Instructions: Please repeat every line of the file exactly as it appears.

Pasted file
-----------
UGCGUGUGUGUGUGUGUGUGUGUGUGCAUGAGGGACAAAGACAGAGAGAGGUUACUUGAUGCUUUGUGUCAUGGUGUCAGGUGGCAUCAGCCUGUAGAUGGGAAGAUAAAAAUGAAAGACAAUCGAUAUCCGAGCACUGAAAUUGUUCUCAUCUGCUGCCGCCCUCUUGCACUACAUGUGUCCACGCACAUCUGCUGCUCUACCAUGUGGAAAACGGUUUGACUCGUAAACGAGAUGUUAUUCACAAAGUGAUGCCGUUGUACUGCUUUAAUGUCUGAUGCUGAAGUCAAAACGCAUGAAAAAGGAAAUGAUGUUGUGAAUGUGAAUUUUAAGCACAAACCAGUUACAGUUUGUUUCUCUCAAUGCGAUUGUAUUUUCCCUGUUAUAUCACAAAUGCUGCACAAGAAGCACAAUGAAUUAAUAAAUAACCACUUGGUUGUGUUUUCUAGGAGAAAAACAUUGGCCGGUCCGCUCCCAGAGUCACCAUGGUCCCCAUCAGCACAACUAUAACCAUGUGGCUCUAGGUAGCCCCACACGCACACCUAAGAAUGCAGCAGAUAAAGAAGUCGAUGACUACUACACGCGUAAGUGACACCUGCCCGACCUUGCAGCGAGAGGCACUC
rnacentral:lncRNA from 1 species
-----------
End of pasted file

UGCGUGUGUGUGUGUGUGUGUGUGUGCAUGAGGGACAAAGACAGAGAGAGGUUACUUGAUGCUUUGUGUCAUGGUGUCAGGUGGCAUCAGCCUGUAGAUGGGAAGAUAAAAAUGAAAGACAAUCGAUAUCCGAGCACUGAAAUUGUUCUCAUCUGCUGCCGCCCUCUUGCACUACAUGUGUCCACGCACAUCUGCUGCUCUACCAUGUGGAAAACGGUUUGACUCGUAAACGAGAUGUUAUUCACAAAGUGAUGCCGUUGUACUGCUUUAAUGUCUGAUGCUGAAGUCAAAACGCAUGAAAAAGGAAAUGAUGUUGUGAAUGUGAAUUUUAAGCACAAACCAGUUACAGUUUGUUUCUCUCAAUGCGAUUGUAUUUUCCCUGUUAUAUCACAAAUGCUGCACAAGAAGCACAAUGAAUUAAUAAAUAACCACUUGGUUGUGUUUUCUAGGAGAAAAACAUUGGCCGGUCCGCUCCCAGAGUCACCAUGGUCCCCAUCAGCACAACUAUAACCAUGUGGCUCUAGGUAGCCCCACACGCACACCUAAGAAUGCAGCAGAUAAAGAAGUCGAUGACUACUACACGCGUAAGUGACACCUGCCCGACCUUGCAGCGAGAGGCACUC
rnacentral:lncRNA from 1 species